The failure of UN peacekeepers to contain the violence is a worrying setback for the organisation, the interim government, and France
The international military forces and their leaders, who were charged with control of Bangui and keeping the militias apart, have met fierce criticism for failing to stop the worst outbreak of violence in the capital for nearly two years. At least 42 people have been killed in inter-communal murders, and some 600 prisoners in the central Bangui gaol escaped. Meanwhile, rioters attacked the Gendarmerie in order to seize their weapons.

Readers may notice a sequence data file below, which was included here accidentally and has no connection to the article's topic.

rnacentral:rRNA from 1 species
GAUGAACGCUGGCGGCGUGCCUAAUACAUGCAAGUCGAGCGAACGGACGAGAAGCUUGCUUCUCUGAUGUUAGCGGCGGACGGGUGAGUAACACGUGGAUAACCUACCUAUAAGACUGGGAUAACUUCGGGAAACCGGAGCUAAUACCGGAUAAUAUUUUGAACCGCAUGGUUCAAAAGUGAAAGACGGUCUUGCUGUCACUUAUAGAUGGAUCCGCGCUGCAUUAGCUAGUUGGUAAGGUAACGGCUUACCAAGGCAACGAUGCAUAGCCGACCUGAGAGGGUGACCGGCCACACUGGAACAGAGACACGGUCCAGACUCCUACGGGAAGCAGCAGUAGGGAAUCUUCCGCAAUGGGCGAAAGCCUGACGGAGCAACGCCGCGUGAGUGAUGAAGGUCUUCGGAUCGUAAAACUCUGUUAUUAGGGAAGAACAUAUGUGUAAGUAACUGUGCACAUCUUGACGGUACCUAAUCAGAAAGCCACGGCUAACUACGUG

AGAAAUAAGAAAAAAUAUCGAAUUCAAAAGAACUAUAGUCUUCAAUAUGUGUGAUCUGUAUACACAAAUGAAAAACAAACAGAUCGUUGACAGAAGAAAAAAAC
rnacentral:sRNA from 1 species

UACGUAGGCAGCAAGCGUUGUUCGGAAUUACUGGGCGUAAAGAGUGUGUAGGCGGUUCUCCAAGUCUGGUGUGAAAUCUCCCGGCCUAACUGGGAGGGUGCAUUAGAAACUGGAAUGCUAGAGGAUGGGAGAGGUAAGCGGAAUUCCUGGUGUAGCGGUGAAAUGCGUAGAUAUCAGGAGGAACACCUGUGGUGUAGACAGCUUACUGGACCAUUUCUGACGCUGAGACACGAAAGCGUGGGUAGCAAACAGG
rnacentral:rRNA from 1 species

The spark for the violence was the murder of a Muslim motorcycle taxi-driver, retaliation by fellow Muslims, then revenge by Anti-Balaka, and then further retaliation. Anti-Balaka groups soon locked down the city and the violence, looting and arson that followed was the worst since the massacres that began on 5 December 2013. The level of organisation Anti-Balaka showed in contrast to previous incidents has led to speculation that it may have organised the murder in order to provoke the unrest.
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